By wsfproducer, 05-Dec-2012 05:06:00
Acting is behaving believably under imaginary circumstances.
Set within the context of properly understood imaginary circumstances, this takes the focus off of the actor and puts it with the audience. It does not matter whether or not the actor has an experience or not, feels an emotion or not, believes what he is doing or not, identifies with the character or not, it only matters that the audience finds the actor’s behavior to be believable within the imaginary circumstances of the play.
The audience cannot see an actor’s thoughts, intentions, back-story, emotions, magic ifs, substitutions, or objectives; the audience can only see and experience what the actor actually does on the stage. And, to be effective, what the actor does must be believable to the audience. No matter how outrageous, or subtle, so long as it is believable to the audience, it is effective. And effectiveness, as measured by the audience for whom we play (as well as by our own artistic sensibilities), is a much better and, ultimately, finer arbiter of our work than our own, all to often, self-indulgent and self-aggrandizing feelings.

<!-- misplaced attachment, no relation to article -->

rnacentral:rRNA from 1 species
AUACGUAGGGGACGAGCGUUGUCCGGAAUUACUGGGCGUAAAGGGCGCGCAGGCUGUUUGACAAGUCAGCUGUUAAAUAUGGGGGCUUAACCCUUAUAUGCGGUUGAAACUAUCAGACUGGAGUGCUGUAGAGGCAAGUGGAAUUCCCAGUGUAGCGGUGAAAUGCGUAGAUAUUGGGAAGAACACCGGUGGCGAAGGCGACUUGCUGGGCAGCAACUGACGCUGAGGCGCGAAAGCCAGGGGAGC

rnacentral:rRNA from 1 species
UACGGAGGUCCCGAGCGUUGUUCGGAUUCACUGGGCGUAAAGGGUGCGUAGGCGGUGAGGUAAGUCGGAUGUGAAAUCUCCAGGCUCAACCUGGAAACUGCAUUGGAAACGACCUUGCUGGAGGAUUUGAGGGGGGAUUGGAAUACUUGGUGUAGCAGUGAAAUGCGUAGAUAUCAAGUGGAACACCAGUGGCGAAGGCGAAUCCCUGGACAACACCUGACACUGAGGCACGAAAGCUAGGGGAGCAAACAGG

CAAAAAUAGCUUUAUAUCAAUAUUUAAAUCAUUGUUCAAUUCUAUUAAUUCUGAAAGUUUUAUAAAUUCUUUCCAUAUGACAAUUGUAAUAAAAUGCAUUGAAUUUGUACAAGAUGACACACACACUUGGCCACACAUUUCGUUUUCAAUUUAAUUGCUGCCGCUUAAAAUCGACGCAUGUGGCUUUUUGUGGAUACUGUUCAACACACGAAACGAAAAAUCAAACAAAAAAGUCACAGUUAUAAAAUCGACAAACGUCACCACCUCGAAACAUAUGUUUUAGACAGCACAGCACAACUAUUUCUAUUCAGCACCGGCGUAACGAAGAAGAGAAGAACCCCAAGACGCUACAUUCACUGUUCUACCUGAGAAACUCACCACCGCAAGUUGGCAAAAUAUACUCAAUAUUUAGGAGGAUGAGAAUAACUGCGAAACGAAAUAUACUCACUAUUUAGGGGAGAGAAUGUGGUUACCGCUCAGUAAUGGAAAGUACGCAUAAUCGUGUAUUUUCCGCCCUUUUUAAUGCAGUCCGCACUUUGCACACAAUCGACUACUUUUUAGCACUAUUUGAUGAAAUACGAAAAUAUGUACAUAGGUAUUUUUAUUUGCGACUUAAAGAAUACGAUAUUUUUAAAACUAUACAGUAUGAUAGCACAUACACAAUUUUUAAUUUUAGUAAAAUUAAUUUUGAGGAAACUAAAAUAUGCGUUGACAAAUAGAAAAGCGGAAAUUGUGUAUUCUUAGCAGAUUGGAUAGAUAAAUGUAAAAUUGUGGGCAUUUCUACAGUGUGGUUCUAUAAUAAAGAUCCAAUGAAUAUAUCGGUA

When we behave believably within the imaginary circumstances of the play, we create the illusion of truthful living…for the audience…by the character…in the play.
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